Page last updated at 18:08 GMT, Wednesday, 1 February 2012

Health Committee

Health minister Edwin Poots told MLAs he was setting up a programme board to consider the implementation of the findings of the Compton Report on health and social care, on 1 February 2012.

Mr Poots said the work would begin within the next few days and the board would be chaired by the permanent secretary of the department of health, Andrew McCormick.

John Compton, who chaired the review of health and social care, told the health committee he sensed that people accepted the need for change.

This view was echoed by the minister who observed that the report did not identify individual hospitals for closure, and that such matters could be worked through with local communities in the interests of those communities.

Earlier, the committee heard from the British Medical Association (BMA) and the Royal College of General Practitioners (RCGP) with their views of the Compton proposals.

Professor Scott Brown of the RCGP said his members welcomed the general thrust of the report and were keen to become involved in its application.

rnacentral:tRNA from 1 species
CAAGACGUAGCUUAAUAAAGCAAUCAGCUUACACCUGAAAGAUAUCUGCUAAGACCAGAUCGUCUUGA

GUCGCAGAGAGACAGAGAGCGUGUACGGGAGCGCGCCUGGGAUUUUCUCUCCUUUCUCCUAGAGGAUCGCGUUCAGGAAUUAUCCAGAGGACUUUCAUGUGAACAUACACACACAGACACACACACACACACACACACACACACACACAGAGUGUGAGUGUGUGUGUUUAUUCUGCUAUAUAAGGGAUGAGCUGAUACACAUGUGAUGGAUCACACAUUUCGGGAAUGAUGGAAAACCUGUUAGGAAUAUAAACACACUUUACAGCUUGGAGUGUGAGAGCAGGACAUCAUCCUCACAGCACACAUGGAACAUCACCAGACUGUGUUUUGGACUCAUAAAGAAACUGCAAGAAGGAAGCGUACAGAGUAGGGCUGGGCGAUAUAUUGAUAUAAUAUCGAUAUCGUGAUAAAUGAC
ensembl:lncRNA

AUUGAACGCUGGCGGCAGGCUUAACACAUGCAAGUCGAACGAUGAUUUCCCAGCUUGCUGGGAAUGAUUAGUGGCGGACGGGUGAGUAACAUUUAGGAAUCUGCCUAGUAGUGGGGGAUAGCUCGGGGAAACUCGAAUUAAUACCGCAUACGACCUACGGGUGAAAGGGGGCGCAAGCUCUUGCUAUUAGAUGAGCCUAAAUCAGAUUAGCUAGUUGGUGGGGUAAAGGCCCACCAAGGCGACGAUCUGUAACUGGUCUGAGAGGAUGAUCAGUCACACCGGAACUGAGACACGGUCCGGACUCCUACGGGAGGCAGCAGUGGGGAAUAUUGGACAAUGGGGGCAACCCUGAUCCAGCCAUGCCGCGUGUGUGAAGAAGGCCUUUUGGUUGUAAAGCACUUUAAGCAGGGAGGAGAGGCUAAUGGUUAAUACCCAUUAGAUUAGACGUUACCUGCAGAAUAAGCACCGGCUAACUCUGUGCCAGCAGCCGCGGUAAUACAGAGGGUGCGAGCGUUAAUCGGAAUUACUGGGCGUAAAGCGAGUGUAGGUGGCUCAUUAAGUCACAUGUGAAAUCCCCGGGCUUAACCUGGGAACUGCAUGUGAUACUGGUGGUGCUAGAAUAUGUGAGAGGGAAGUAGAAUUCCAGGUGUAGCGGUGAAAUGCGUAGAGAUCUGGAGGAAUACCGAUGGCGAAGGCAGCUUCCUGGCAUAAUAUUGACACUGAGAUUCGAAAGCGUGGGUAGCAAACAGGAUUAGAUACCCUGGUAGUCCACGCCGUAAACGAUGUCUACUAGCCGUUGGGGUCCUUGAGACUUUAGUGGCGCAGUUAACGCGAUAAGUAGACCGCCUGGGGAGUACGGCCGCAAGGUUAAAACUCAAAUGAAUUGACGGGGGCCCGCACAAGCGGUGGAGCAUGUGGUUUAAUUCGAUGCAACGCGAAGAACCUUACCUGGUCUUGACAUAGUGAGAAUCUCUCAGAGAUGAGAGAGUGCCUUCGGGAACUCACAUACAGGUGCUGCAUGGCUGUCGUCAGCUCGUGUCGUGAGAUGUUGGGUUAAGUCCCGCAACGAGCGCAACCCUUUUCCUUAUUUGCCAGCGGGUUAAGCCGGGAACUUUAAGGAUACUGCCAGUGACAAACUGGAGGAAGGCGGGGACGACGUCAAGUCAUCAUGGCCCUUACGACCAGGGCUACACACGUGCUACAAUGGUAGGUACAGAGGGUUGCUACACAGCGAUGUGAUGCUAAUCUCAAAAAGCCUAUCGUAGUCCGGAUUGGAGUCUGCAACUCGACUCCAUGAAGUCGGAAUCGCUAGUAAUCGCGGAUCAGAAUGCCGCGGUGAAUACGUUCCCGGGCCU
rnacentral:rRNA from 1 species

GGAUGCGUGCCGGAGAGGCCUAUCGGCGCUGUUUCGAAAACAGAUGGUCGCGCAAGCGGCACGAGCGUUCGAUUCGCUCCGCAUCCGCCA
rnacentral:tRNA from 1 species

Tom Black of the BMA said GP quality and access were the best in the world in Northern Ireland but care was required not to take patients out of hospitals and destabilise general practice.

Kieran McCarthy of the Alliance party said he thought a lot of people had problems accessing their GP.

Tom Black quoted US research which suggested that Northern Ireland had the best "same-day access and next-day access" in the world.

Jim Wells of the DUP asked Professor Brown whether he thought there could be a satisfactory level of service if the number of acute hospitals were reduced to seven.

Professor Brown said he and his colleagues "would have a lot of things to say" if it was proposed to close his local hospital in Coleraine.

The professor told members about experts from other countries who had visited Northern Ireland to learn from the success of the system.

"It would be an absolute shame if what we do well was destroyed, or made more difficult, because of an ill-conceived and poorly worked-through programme leading on from the report," he added.

Health committee membership

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